Yes, The Leftovers suggests an answer to the Sudden Departure, but it's up to you if you'd like to accept that closure and buy Nora's story. It is, like the reasoning behind the Departure and Kevin's inane ability to resurrect himself, perfectly ambiguous.
After Kevin confesses to his truth — that he never accepted Matt's story that Nora left, and used every vacation for the past decade-plus to visit Australia to try and find her (*sobs*) — Nora offers her own explanation for what happened after she entered the chamber. There's a parallel universe where 98% of the world's population vanished, rather than 2%. In this world, in a desolate world filled with orphans and broken families, Nora's family are the blessed ones. They have each other, even though Nora's missing from their lives. Nora never greets them, realizing she might as well be a ghost, and asks the scientist who first constructed and went through the device to build a replicate to return her back to her world.
It's a story that feels logical, if you're willing to look past the holes. For starters, wouldn't the doctor who traveled through consider building a device to help the 2% in this alternate world, many of whom are devastated by their grander Departure? How did he rebuild the machine on his own? You'd have to assume he had a lot of helping hands with the first go-around. Most of all: I'm pretty sure Nora was in the midst of shouting "Stop!" as her interdimensional chamber filled with fluid. So you can also believe that Nora didn't go through the chamber, that she stopped herself. And if you accept that, then you could also reason that the embarrassment led to a self-exile in Australia, and that the faux-Departure parallel universe is an elaborate coping mechanism to give herself closure for her missing children (it's a much better and more convincing Band-Aid than a Wu-Tang Clan tattoo).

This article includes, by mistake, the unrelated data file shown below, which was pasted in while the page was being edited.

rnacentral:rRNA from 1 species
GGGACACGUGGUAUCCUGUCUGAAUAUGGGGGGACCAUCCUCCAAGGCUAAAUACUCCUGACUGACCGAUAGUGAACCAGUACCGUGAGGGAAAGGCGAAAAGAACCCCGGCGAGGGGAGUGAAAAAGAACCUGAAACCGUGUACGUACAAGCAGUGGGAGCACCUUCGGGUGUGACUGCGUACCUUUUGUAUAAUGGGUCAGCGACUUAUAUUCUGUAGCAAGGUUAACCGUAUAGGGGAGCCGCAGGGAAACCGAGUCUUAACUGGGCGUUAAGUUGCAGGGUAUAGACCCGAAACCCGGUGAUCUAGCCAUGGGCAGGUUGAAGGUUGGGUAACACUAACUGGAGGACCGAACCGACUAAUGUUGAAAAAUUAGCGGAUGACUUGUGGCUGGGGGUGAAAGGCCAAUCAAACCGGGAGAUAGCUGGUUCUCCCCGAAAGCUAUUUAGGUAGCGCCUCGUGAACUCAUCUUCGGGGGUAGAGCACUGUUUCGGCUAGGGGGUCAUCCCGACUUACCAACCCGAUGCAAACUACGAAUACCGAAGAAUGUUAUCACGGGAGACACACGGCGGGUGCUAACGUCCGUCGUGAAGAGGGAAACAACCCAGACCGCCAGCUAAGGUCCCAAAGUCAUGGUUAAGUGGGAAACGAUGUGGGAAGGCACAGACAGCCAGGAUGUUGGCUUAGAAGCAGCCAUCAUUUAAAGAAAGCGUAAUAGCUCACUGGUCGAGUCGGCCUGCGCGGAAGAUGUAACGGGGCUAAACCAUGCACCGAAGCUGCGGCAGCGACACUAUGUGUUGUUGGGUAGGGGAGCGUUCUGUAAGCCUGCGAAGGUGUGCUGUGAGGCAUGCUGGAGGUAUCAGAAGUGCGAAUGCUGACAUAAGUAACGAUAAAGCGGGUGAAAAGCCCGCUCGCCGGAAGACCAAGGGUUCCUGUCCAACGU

But the myriad questions regarding Nora's journey are inconsequential compared to Kevin's acceptance of her truth at face value. "I believe you," he says. "Why wouldn’t I believe you? You’re here."
Kevin's willing to accept her story — that she visited this other world and returned — because he loves her, simple as that. If there's something in "The Book of Nora" that isn't mired in ambiguity, it's the profound love between two people who may or may not have traveled to alternate dimensions and trippy purgatories. Grief may have been our gateway to The Leftovers in season one, but the series was ultimately a love story. It's not a stretch; grief and love are inherently tied to one another. To grieve, you must first have loved.
Lindelof created a series that was never interested in answering big questions, and was steadfast to this commitment. Unlike, say, Westworld or even Lost, there was no puzzle box to solve. The best writing around the series are deeply personal essays that face a universality of life in some way, shape or form: grief. Not everyone is comfortable handling grief — just look at Nora's arc over the show's three seasons. What Kevin offers Nora when he extends his hand, more so than acceptance, is another chance to live. Another chance to love.
Nothing is answered. Everything is answered. And now it's ended.